Op/Ed By Kofi Quaye
Many unemployed African-Americans, like Syracuse resident Danny DeGrass, say they are waiting for Uber to make its entry into the transportation and taxi industry, in Central New York. Syracuse is one of the major cities in upstate New York in which Uber doesn’t operate. DeGrass looks forward to signing up as an affiliate driver with the fast-growing transportation company, which only recently emerged, but has succeeded in becoming a major player in the taxi and transportation industry on a global basis. Uber seems to be the answer to his quest for a job.
To DeGrass, Uber has offered the chance to buy a brand new or used car from a dealership; a car recommended by Uber, which won’t base the sale of the car solely on his credit history. He will also avoid the hassle of applying and waiting to be approved for the ground transportation license from the police department, or being subjected to a vigorous background check for any criminal history. He won’t need the license, and won’t have to deal with the high commercial insurance taxi drivers pay for coverage.
Working with Uber will make it possible for DeGrass to circumvent most of the traditional impediments which usually make it hard for African-Americans to get into the taxi and transportation business. According to Degrass, his experience taught him that he would be disqualified somewhere along the line, if he went out and tried to do it on his own.
He, like most people, is ‘feeling’ the growing mystique of Uber, which appears to be the result of a series of highly-publicized incidents involving Uber-affiliated drivers, which have been widely reported in the media.
When a New York City cop berated a driver affiliated with Uber for an action he deemed improper, it had gone viral on the Internet, and was extensively reported about on network television. So was the confrontation between taxi drivers and Uber drivers in the streets of Paris and London.
Over the course of the past several months, media reports about Uber have ranged from accusations of criminal behavior leveled at Uber drivers, to charges against Uber’s corporate bosses for bribing government officials in foreign countries.
However, the widespread media publicity appears to also have had the unintended consequence of projecting Uber as a powerful global giant, which uses its vast resources to intimidate the competition with US lawsuits, and bribery in other countries, to neutralize the forces which oppose them.
In addition, ativan no prescription amid denials by Uber bosses, reports have continued to circulate, suggesting that Uber-affiliated vehicles are not safe. The main reason is that the drivers have not been subjected to the kind of rigorous background checks transportation drivers in a city like Syracuse have to go through when they apply for the ground transportation licenses which make it legal for them to do business.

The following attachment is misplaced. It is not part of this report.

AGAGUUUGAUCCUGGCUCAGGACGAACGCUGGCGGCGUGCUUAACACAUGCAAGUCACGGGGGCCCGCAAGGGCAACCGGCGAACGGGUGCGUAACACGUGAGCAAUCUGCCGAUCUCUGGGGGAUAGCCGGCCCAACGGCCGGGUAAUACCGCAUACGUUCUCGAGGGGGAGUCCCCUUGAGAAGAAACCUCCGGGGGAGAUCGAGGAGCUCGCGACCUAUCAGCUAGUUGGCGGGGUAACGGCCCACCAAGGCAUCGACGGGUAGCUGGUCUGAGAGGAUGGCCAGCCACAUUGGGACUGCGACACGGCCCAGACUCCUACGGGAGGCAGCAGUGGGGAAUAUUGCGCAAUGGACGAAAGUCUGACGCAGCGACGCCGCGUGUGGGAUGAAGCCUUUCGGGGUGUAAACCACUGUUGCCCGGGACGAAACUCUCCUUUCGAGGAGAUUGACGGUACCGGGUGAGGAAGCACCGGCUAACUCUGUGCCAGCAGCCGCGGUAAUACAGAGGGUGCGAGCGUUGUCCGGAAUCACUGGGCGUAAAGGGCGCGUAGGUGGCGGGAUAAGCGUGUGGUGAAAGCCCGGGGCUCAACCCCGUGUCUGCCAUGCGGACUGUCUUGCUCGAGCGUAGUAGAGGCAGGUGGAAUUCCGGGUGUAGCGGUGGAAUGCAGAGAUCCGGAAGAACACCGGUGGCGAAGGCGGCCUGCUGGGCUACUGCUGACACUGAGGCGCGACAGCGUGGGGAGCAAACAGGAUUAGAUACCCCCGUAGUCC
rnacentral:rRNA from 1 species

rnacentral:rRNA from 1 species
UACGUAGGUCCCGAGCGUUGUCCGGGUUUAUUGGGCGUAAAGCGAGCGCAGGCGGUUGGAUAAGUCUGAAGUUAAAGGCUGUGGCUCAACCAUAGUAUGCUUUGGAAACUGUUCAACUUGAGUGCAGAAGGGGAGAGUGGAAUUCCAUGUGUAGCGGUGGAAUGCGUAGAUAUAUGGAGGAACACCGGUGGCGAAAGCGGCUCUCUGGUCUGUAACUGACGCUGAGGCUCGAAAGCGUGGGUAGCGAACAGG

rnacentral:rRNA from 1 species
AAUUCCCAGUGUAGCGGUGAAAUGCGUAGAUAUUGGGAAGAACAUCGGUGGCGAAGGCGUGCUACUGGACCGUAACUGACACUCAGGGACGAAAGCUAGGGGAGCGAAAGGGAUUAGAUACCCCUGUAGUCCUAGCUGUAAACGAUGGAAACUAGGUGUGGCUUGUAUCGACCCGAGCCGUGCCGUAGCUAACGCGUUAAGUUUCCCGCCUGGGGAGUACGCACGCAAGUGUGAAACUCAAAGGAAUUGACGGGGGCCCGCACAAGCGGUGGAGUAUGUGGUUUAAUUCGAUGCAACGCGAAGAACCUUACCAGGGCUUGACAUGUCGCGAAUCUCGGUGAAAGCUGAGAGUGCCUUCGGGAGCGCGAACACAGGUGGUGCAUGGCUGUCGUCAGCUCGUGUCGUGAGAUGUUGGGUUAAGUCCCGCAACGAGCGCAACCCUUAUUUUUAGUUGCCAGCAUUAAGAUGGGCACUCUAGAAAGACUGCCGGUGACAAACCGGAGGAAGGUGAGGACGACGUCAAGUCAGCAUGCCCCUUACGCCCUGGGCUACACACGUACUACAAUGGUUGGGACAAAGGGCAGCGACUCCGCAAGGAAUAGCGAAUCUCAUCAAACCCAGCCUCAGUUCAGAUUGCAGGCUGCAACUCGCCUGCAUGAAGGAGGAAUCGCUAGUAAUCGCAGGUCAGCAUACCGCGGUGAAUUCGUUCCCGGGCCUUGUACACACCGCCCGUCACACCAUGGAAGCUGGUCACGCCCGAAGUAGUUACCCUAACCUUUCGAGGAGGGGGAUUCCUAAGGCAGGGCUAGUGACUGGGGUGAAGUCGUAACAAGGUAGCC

Now, the question is: will Uber become the dominant transportation company in Central New York, in the wake of their success in New York City? There is no easy answer to that one. Given their vast resources, and great business model, which uses smart phones to connect riders and drivers with no monies changing hands; Uber has offered an alternative that appeals to today’s technology-driven consumers who prefer to use credit cards and smart phones.
It certainly poses a threat to transportation providers, particularly taxi drivers in a city like Syracuse, many of whom are African-Americans and Africans. They don’t want Uber anywhere near where they operate. And I don’t blame them.
At the same time, Uber’s business model also seems to attract many unemployed African-Americans, and Africans, who are seeking jobs, and looking for new ways to make money. They are anxiously awaiting Uber’s arrival.
This is as double-edged a sword as there can be.
One thing is for sure, and that is what Uber corporate bosses, and Uber-affiliated drivers, might not have factored into their calculations: the Syracuse Police Department Ground Transportation Licensing Unit. They know precisely what to do with individuals, and organizations, that don’t play by the rules. They straighten them out, or put them out of business.
In Syracuse, Sgt. Galvin, and the crew of the Ground Transportation and Licensing Unit, make sure even legally licensed taxi and delivery drivers obey city rules and regulations. The highly-mobile ground transportation unit is everywhere, checking on compliance with city rules and regulations by taxi drivers and other transportation operators. Taxi drivers can expect to be pulled over by the police, just to check if they have their taxi driver’s licenses and metered rates on display, and are issued appearance tickets if they have been noncompliant.
I guess we’ll just have to wait and see how Uber will fare in Syracuse when they arrive. As for DeGrass, he continues to be optimistic about Uber coming to Syracuse, and making it possible for him to get a job…. soon.